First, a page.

Ghost Mission is another great Torchwood audio from Big Finish. An engaging plot mixes with the instant chemistry between the two leads, an unlikely hero and a temporal fish out of water, which provides some snappy dialogue and memorable moments. While the twist might be lost on those who haven’t listened to the other Torchwood audios, it is definitely worth the pickup for anyone who has heard any of the previous audios and are in the mood for one of the best releases the range has to offer.

Random Thoughts
– Andy talking to the hulking brute like a drunk Valley girl wandering Cardiff at 3 am, apparently an actual technique used by the local PD
– The choir of ghosts speaking in “Amazing Grace” lyrics is one of the most beautiful and haunting moments I’ve ever heard in a Big Finish audiobooks
– Andy dropping X-Files references vs. Norton quoting The Quatermass Experiment

Cobi’s Synopsis – Top-notch chemistry between the two leads combines with a great script and several memorable moments in Ghost Mission, providing Sergeant Andy Davdison a much deserved day in the limelight as he tries to prove himself worthy of joining Torchwood.

Next up – Suzie Costello would never describe herself as a hero. But she would say she’s someone who always makes the right choices…

Indira Varma is Suzie Costello in…Torchwood: Moving Target

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Doctor Who – “The Condemned”

“Dr John Smith – you’re under arrest. You do not have to say anything, but it may harm your defence if you do not mention when questioned something which you later rely on in court…”

Manchester, 2008. The TARDIS lands inside a run-down tower block, beside a dead body – which leads to some awkward questions when the Doctor is found there by the police. Made the prime suspect, how can the Doctor prove to the no-nonsense DI Patricia Menzies that this is not the open-and-shut case it seems, and that she’s actually investigating the death of an alien?

Higher up in Ackley House, a girl named Maxine watches the Doctor being taken away in a squad car. Someone wants her to find out what happened in that room, and isn’t going to be happy if she doesn’t come up with the goods. But she’s got hold of someone who knows – someone very important to the Doctor.

A deadly conspiracy is at work – one whose effects will be felt far beyond the walls of Ackley House…

Colin Baker is the Doctor in The Condemned.

X X X X X

Cast
Colin Baker (The Doctor)
India Fisher (Charlotte Pollard)
Anna Hope (D.I. Patricia Menzies)
Will Ash (Sam)
Sara De Freitas (Maxine)
Lennox Greaves (Dr Joseph Aldrich)
James George (Slater)
Diana Morrison (Antonia Bailey/Jane)
Stephen Aintree (D.C.I. Turnbull/Goon/Police Officer/Guy in Gym)
Steve Hansell (P.C. Blackstock/Police Officer/Guy in Gym)

Written by: Eddie Robson
Directed by: Nicholas Briggs
Released: February 2008

Trailer – https://www.bigfinish.com/releases/popout/the-condemned-271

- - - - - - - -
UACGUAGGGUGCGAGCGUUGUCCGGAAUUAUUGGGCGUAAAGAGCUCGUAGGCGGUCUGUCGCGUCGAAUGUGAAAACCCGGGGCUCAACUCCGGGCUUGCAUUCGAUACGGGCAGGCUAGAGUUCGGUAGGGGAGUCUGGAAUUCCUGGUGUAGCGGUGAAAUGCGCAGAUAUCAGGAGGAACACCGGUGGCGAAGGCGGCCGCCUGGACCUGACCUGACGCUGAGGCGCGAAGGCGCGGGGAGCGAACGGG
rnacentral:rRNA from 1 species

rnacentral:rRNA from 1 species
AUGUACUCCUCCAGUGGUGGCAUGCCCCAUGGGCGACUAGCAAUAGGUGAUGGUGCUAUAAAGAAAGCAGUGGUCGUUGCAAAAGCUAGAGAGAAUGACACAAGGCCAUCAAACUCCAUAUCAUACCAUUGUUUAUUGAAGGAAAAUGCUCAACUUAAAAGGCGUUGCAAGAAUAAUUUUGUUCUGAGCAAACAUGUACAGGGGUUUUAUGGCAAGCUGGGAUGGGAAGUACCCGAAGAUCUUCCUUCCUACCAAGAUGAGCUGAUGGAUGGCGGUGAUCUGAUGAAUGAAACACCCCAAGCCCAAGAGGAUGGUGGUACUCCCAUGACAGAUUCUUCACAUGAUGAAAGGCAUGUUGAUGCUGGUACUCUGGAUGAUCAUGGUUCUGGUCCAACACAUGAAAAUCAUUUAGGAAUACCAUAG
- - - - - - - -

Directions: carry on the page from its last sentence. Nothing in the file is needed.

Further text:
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The Condemned could have been the moment Big Finish jumped the shark. By taking an established character with strong ties to one Doctor and pairing her up with another Doctor, the company was taking a huge risk that the new partnership wouldn’t work and long-time listeners would tune out of their stories. However, the team-up provided a breath of fresh air to both characters. Their first adventure would see the Sixth Doctor and Charlotte Pollard slowly feel each other out as they find themselves caught up in a mystery involving a dead body, a salty DI, aliens hiding out on Earth, and a crumbling tower block that seems more alive than the desperate individuals living inside.
Although her efforts to stop the Cybermen had led her to be marooned on a dead planet in the distant future, Charlotte Pollard never lost hope that someone, anyone, would come rescue her. And when the familiar blue police box materialized in front of her, her hope was rewarded. Until she met the Doctor. A curly-haired man in a blue coat, this Doctor was immediately suspicious of the stranger who seemed to be hiding something. That mystery is soon swept to the side by another one – the discovery of a dead body in a locked apartment inside a decaying apartment building. The Doctor soon finds himself as the number one suspect in the eyes of DI Patricia Menzies, while Charlotte finds herself held captive by one of the tower’s residents. There are a few people who want to talk to Charley – one who wants to know what happened to the murder victim, and one who wants nothing more than for Charley to help him escape the high rise’s dark, lightless basement…

2007 was a time of transition for Big Finish. The year began with Blood of the Daleks as Paul McGann began his stand-alone range of one-hour adventures patterned on the revival series of Doctor Who, and it ended with long-time companion and Big Finish original Erimem leaving the Fifth Doctor in The Bride of Peladon. Both Doctors would go on to find new companions in due course (Eight meeting up with Lucie Miller and Five meeting Amy during the Key 2 Time story arc as well as one Thomas Brewster further down the line). It could have been easy for Big Finish to play it safe and continue their standard output, mixing classic Doctor/companion teams as well as newcomers to the TARDIS. The company chose however to try something unique – to take an existing Doctor and pair them with an existing companion of ANOTHER Doctor. Companions meeting other Doctor isn’t a new concept to Doctor Who, but normally the companion has experienced the regeneration of the Doctor first-hand or has the Doctor on hand to explain how he can have two faces in two place at once.